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Govan described anterior lenticonus and retinal flecks in the macular and midperipheral retina as characteristic ophthalmic findings in Alport syndrome. The findings provided further evidence that Alport syndrome is a hereditary disorder of basement membranes. These abnormalities correlate well with a defect in the type IV collagen molecule. Their patient was a year-old man who had recurrent episodes of aplort in 1 or both eyes, which awakened him at night, and were associated with lacrimation, photophobia, and blurred vision.

Proteinuria and microscopic hematuria had been recognized by age 12 months, and bilateral sensorineural hearing loss since age 11 years. Colville and Savige reviewed the ocular enfermedac of Alport syndrome. The ocular manifestations were identical to those found in the autosomal forms of Alport syndrome. In 2 of them, 2 episodes over a period of 1 to 3 years had occurred; the third brother had approximately 60 episodes over the previous 10 years.

Similar studies of the anterior lens capsule of a patient with Alport syndrome who had anterior lenticonus showed lack of immunoreactivity to the COL4A3 to COL4A6 chains.

Hasstedt and Atkin restudied the Utah kindred, ‘family P,’ that was the subject of the studies of Perkoff et al. Penetrance was estimated as 0.

Reexamination of segregation showed no excess of affected offspring of affected parents and no difference in penetrance in daughters of symptomatic and asymptomatic mothers. An unexplained deficiency of sons of affected mothers was aloort. In affected Utah kindreds, Menlove et al. They found 2 of 21 recombinants with DXS3, which is located at Xq They found a maximum lod score of 2.

These authors referred to the disorder as ‘Alport ee hereditary nephritis,’ based on the assumption that the disorder fe described by Alport was autosomal dominant. Lod scores in excess of 3. Two types of Alport syndrome were represented by 3 kindreds: However, there was no evidence of linkage heterogeneity among these families.



Flinter and Bobrow studied 41 families and concluded that Alport syndrome may be less heterogeneous than previously thought. All of the families had ‘classic’ Alport syndrome, with pedigrees compatible with X-linked inheritance.

They confirmed linkage to Xq markers. Four deletions and 1 single base mutation of the COL4A5 gene were detected. Myers and Tyler found variability in the histologic findings of the ear in Alport syndrome.

In 2 cases with severe deafness, 1 had had a histologically normal inner ear, whereas the other had a marked reduction in spinal ganglion cochlear neurons. Spear suggested that a primary structural abnormality of basement membranes underlies the phenotype of Alport syndrome. Churg and Sherman stated that the ultrastructural changes of the glomerular basement membrane, which is irregularly thickened and attenuated, are specific for Alport syndrome. Immunofluorescence studies provided little evidence for an immunologic basis for renal damage.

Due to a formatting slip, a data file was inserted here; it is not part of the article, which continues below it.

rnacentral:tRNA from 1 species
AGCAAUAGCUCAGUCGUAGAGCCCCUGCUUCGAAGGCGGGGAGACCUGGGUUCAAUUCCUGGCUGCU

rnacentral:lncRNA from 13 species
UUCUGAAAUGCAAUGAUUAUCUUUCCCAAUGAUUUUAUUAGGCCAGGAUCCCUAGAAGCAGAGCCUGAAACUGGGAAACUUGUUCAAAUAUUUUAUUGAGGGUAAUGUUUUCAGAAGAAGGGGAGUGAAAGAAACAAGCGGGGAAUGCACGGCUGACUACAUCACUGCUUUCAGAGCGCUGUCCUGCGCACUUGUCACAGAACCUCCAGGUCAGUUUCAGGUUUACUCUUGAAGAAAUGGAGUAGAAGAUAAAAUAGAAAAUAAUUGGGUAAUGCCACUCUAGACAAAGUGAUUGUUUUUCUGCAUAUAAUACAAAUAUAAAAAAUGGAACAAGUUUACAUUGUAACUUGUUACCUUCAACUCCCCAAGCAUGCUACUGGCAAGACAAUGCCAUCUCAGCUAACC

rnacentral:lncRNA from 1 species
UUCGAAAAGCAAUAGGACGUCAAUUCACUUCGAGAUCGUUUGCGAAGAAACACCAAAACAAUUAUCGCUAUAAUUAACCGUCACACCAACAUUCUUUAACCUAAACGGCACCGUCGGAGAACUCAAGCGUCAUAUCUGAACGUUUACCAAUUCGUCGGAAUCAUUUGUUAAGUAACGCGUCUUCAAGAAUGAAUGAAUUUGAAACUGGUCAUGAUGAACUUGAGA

In a study by WaldherrAlport syndrome comprised at least a sixth of familial glomerular disease, which itself was responsible for 6. The most common abnormality on electron microscopy, found in 27 of 31 biopsies, was complex replication of the lamina densa of the capillary basement membrane to form a ‘basket weave’ pattern. These changes could be seen in children under age 5 years.

If neurosensory deafness or heavy proteinuria was present, the patient generally ran a progressive clinical course and fell within the spectrum of Alport syndrome.

In contrast, patients from families without deafness, heavy proteinuria, or chronic renal failure showed a nonprogressive course consistent with benign familial hematuria Their biopsies showed little or no glomerular changes other than attenuation of the lamina densa on electron microscopy.

By indirect immunofluorescence of kidney biopsies from 7 males from 5 families with Alport syndrome, Jeraj et al. However, the antigen was detected in 2 affected women, an unaffected male, and 13 normal controls. The specificity of the finding was supported by persistence of other glomerular basement membrane antigens, and the findings were compatible with X-linked inheritance.

The epitopes reactive with anti-GBM antibodies are located in the noncollagenous globular domain of type IV collagen. Treatment with acid-urea favors exposure of this epitope. The immunofluorescent stains of basement membrane demonstrated the Lyon phenomenon of X inactivation in a particularly graphic manner. These studies indicated that the FNS antigen is apparently distinct from the Goodpasture antigen.

In a retrospective, double-blind study, Savage et al. Strong linear binding of MCA-P1 to GBM was found in all 29 patients without evidence of hereditary nephritis and in 2 with possible but not definite hereditary nephritis.

In contrast, 12 of 13 patients with strong evidence of hereditary nephritis showed no binding 9 or greatly reduced binding 3. Thus, abnormal antigenicity of the basement membrane in hereditary nephritis, as reported by McCoy et al. In 30 cases, aalport was hematuria in at least 1 other member of the family; in the other 18 cases, there was no familial incidence.

There were no differences between the 2 groups with regard to clinical and pathologic findings. At the latest follow-up, 6 boys with familial hematuria and 3 boys with nonfamilial hematuria had reduced renal function, and 9 boys with familial hematuria and 4 boys and 1 enfermedsd with nonfamilial hematuria had sensorineural deafness.